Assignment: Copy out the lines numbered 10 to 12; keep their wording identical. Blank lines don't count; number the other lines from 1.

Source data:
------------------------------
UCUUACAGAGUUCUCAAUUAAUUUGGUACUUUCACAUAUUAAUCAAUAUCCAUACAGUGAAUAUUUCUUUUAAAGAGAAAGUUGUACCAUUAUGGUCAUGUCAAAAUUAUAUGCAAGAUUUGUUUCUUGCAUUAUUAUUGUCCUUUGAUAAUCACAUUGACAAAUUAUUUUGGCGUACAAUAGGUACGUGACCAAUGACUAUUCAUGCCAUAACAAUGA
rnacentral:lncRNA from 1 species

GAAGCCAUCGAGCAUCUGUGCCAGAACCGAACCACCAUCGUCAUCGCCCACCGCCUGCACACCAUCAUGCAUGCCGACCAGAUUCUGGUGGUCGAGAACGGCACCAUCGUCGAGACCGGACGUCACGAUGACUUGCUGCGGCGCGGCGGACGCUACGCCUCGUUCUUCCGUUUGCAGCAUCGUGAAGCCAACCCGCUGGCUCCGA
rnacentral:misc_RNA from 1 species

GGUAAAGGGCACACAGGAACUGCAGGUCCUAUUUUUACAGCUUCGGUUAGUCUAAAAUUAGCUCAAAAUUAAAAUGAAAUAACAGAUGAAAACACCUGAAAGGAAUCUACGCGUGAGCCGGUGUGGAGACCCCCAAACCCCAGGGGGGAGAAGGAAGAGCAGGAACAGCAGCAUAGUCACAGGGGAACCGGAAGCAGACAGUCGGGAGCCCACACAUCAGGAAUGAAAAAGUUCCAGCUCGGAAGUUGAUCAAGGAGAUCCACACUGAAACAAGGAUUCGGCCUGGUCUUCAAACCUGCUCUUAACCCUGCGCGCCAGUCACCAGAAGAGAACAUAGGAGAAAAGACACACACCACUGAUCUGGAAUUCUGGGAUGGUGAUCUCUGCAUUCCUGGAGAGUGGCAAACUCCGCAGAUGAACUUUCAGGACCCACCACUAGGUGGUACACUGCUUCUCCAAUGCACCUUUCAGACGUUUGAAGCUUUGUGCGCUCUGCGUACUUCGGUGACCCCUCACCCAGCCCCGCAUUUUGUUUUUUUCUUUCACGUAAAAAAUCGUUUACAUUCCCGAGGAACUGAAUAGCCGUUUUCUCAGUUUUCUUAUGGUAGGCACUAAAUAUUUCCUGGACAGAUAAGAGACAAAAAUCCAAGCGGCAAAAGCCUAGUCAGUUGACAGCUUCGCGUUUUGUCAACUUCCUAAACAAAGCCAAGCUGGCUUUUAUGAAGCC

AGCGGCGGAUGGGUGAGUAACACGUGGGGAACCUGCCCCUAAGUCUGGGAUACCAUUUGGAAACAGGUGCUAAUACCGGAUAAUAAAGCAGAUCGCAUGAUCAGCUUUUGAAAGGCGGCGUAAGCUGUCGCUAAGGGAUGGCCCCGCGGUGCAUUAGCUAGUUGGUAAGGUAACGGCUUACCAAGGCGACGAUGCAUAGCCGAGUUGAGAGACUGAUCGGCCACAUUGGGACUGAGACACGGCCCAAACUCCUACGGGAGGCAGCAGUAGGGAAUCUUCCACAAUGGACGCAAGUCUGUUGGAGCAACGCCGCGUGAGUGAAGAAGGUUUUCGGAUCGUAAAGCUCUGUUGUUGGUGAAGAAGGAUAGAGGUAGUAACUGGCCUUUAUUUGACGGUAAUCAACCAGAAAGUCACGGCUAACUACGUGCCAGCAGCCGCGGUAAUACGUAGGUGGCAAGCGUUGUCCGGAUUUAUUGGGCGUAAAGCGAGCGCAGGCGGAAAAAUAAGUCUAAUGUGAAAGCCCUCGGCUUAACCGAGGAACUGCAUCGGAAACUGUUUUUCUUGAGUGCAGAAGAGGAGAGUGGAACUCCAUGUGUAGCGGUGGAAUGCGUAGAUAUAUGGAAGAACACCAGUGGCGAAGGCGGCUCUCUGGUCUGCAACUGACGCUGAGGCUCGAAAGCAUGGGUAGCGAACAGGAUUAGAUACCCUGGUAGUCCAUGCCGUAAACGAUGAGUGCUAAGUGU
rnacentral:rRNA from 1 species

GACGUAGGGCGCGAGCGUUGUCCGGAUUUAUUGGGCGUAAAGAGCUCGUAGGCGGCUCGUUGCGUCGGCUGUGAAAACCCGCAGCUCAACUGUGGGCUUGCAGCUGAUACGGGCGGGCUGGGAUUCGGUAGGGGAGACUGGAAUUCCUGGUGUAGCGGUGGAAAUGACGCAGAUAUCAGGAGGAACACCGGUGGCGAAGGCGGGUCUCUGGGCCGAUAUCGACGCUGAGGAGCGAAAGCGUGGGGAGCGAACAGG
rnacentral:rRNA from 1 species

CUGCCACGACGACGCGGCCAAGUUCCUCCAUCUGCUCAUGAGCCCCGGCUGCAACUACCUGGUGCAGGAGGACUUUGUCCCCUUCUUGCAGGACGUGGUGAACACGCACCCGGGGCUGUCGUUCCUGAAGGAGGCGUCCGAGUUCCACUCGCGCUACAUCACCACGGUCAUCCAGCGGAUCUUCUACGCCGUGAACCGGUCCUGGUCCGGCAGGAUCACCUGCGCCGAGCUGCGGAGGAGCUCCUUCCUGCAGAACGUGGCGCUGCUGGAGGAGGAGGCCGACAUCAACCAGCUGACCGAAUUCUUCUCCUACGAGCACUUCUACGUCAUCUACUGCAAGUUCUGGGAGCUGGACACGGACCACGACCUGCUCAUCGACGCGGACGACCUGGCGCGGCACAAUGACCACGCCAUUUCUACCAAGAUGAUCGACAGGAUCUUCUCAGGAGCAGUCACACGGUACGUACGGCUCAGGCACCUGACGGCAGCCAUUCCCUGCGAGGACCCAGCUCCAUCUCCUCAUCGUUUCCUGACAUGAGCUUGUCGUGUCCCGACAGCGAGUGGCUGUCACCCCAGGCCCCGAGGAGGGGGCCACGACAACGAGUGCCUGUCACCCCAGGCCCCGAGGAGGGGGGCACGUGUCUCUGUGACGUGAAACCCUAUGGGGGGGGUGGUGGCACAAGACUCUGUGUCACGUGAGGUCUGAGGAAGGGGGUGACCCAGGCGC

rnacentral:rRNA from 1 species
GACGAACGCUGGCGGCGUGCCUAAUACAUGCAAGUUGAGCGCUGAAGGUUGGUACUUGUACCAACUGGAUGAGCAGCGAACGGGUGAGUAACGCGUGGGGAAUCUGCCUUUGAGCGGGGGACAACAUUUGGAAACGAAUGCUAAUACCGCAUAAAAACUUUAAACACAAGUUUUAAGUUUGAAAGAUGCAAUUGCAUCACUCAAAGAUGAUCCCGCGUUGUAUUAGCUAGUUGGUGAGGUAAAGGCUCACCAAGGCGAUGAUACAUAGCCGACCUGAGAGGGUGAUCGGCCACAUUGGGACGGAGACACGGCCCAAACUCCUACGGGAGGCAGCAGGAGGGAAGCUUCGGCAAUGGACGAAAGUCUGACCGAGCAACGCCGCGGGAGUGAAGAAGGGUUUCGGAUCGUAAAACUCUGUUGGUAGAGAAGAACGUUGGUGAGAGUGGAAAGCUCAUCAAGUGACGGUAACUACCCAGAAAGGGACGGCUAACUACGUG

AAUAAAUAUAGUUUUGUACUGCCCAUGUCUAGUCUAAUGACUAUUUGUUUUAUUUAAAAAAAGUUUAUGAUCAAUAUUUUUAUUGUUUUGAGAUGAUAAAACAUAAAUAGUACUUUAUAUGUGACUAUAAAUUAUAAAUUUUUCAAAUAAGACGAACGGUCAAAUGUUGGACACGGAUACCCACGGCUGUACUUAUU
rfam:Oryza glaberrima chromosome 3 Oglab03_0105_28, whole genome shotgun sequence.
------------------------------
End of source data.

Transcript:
CUGCCACGACGACGCGGCCAAGUUCCUCCAUCUGCUCAUGAGCCCCGGCUGCAACUACCUGGUGCAGGAGGACUUUGUCCCCUUCUUGCAGGACGUGGUGAACACGCACCCGGGGCUGUCGUUCCUGAAGGAGGCGUCCGAGUUCCACUCGCGCUACAUCACCACGGUCAUCCAGCGGAUCUUCUACGCCGUGAACCGGUCCUGGUCCGGCAGGAUCACCUGCGCCGAGCUGCGGAGGAGCUCCUUCCUGCAGAACGUGGCGCUGCUGGAGGAGGAGGCCGACAUCAACCAGCUGACCGAAUUCUUCUCCUACGAGCACUUCUACGUCAUCUACUGCAAGUUCUGGGAGCUGGACACGGACCACGACCUGCUCAUCGACGCGGACGACCUGGCGCGGCACAAUGACCACGCCAUUUCUACCAAGAUGAUCGACAGGAUCUUCUCAGGAGCAGUCACACGGUACGUACGGCUCAGGCACCUGACGGCAGCCAUUCCCUGCGAGGACCCAGCUCCAUCUCCUCAUCGUUUCCUGACAUGAGCUUGUCGUGUCCCGACAGCGAGUGGCUGUCACCCCAGGCCCCGAGGAGGGGGCCACGACAACGAGUGCCUGUCACCCCAGGCCCCGAGGAGGGGGGCACGUGUCUCUGUGACGUGAAACCCUAUGGGGGGGGUGGUGGCACAAGACUCUGUGUCACGUGAGGUCUGAGGAAGGGGGUGACCCAGGCGC

rnacentral:rRNA from 1 species
GACGAACGCUGGCGGCGUGCCUAAUACAUGCAAGUUGAGCGCUGAAGGUUGGUACUUGUACCAACUGGAUGAGCAGCGAACGGGUGAGUAACGCGUGGGGAAUCUGCCUUUGAGCGGGGGACAACAUUUGGAAACGAAUGCUAAUACCGCAUAAAAACUUUAAACACAAGUUUUAAGUUUGAAAGAUGCAAUUGCAUCACUCAAAGAUGAUCCCGCGUUGUAUUAGCUAGUUGGUGAGGUAAAGGCUCACCAAGGCGAUGAUACAUAGCCGACCUGAGAGGGUGAUCGGCCACAUUGGGACGGAGACACGGCCCAAACUCCUACGGGAGGCAGCAGGAGGGAAGCUUCGGCAAUGGACGAAAGUCUGACCGAGCAACGCCGCGGGAGUGAAGAAGGGUUUCGGAUCGUAAAACUCUGUUGGUAGAGAAGAACGUUGGUGAGAGUGGAAAGCUCAUCAAGUGACGGUAACUACCCAGAAAGGGACGGCUAACUACGUG